A Proposal from Milan: Making Space for Religion

Christendom may have begun with an edict from Milan; now, in the waning days of Christendom, another voice from Milan, Angelo Cardinal Scola, in his little book Let’s Not Forget God: Freedom of Faith, Culture, and Politics, “brings back to our attention the issue, more relevant than ever, of religious freedom.”

Initially a speech celebrating the 1,700th anniversary of the Edict of Milan, the watershed declaration of 313 AD by which emperors Constantine and Licinius granted legal rights to Christians, Let’s Not Forget God provides a serious, if brief, examination of the prospects of religious liberty under the regime of secularism, although it does so by turning to earlier days of the Church.

Beginning in 286, Diocletian attempted a dramatic renovation of the empire, including a revived sacralization of the sovereigns, whose adoration ensured the “pax deorum and therefore the safety of the empire and its inhabitants.” For several religious groups, including Christians, this was intolerable, eventually resulting in an attempt to demolish the Church by prohibiting the liturgy, confiscating property, denying legal recourse, and execution.

While persecution ended in 311 with Galerius requesting “the faithful not do anything against the public order and … pray to ‘their God’ for its safety,” acceptance of Christianity as religio licita “continued to maintain that it was an inalienable prerogative of imperial power to ‘manage’ the relationship between the divine sphere and the subjects of the empire.” But, says Cardinal Scola, the Edict of Milan was the “dawn of religious freedom” insofar as it differentiated the juridical and religious dimensions and recognized, within the limits of its time, the secularism of the state, consequently granting freedom of religion for all, equally, without distinction. Or, in the words of the Edict itself, “we … grant both to the Christians and to all men freedom to follow the religion which they choose … each one should have the liberty of choosing and worshiping whatever deity he pleases.”

Scola Book CoverWhile Galerius still judged the pax deorum to depend on the power of the state, Constantine and Licinius claim no divinity for themselves but recognize “the absolute freedom of the divinity itself” in requiring worship. That is, while the Edict of Milan still intends that “whatever heavenly divinity exists may be propitious” to the empire—a pax deorum—now the deity rather than the sovereign determines the licitness of religion. Which is not to pretend, as Scola acknowledges, a subsequent history free from excess or abuse.

Still, while the Edict of Milan may mark the “initium libertatis of modern man,” it does not speak in modern categories, for while “modernity understands religious freedom as a right of the subject … for the ancient it is ‘the religious sphere’ that is free.” Constantine limits his authority to manage religion, but we moderns think religious freedom subsists when the individual exercises freedom with respect to religion. In a similar way, then, Dignitatis Humanae, the Second Vatican Council’s declaration on religious freedom, emphasizes religious duties and rights: “a vision of the person as principle, subject, and end of all social institutions.”

As summarized by Scola, the declaration affirms the person’s right to religious freedom, within the limits of a just public order, inasmuch as all persons bear the “moral obligation to seek the truth, especially religious truth,” and since “men cannot discharge these obligations … unless they enjoy immunity,” the right of religious freedom rests in the very nature of the person.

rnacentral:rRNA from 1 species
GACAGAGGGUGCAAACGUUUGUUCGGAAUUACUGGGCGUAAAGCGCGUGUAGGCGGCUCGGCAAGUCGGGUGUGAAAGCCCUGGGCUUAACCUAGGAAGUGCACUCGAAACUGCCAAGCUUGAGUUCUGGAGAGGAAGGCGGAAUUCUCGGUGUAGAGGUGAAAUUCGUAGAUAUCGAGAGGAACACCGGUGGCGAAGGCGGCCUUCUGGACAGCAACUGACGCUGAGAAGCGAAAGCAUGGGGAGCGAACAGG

From this several points follow. First, freedom stems from the responsibility to seek and live by the truth, so religious freedom cannot mean an absolute moral autonomy with lordship over the truth but rather a negative juridical freedom limiting state power. Second, error still has no rights, and there is no legitimate autonomy to invent or deny the truth, but “a person has rights even when he errs” and ought always to be guaranteed immunity from external coercion. One may be wrong, and one has the duty to correct that error, but even then one maintains “an inviolable social buffer zone” into which the state and others cannot intrude, within the bounds of a just public order.

In light of this conception of religious freedom, scanning the news of our day presents cause for concern, says Scola. First, violent persecution persists in all too many regions of the world. Second, even within Western democracies, an atmosphere of threat and fear is present, and perhaps even growing, along with intimidation, vandalism, and violence directed against certain religious groups. Third, and the focus of his discussion, a secular ideology fosters the “now numerous and frequent juridical decisions in the West that tend to restrict the full expression of religious freedom,” including the prohibition of religious symbols and various attempts requiring individuals and groups to violate their conscience or face punitive state action.

According to Scola, the theory of secular neutrality is a troubling one when prescinding from substantive visions of the good is construed to require “that those who believe in a truth must simply be excluded from the liberal political debate.” Neutrality tends to create a condition in which public authority does not merely maintain aconfessionality but “ends up legitimizing a vision of public authority as defender of a secularism foreign to religious realities.” That is, too often neutrality equates secular with nonreligious. In that context, the public sphere is willing to work with every idea except those of religion: “in this way the so-called neutral state is not culturally impartial but takes on a secularist orientation that … becomes hostile” toward religion.

In practice, neutrality’s deformed equation of aconfessionality with secularity can rather aggressively violate religious freedom—the “contraception mandate” or the rights of health care professionals. As troubling as those examples are, it is perhaps more distressing to realize that neutrality creates sustained and permanent conditions siding against religion; in its attempt to preserve the peace, the state ends up governing religion, a devolution to the pre-Constantinan management of religio licita.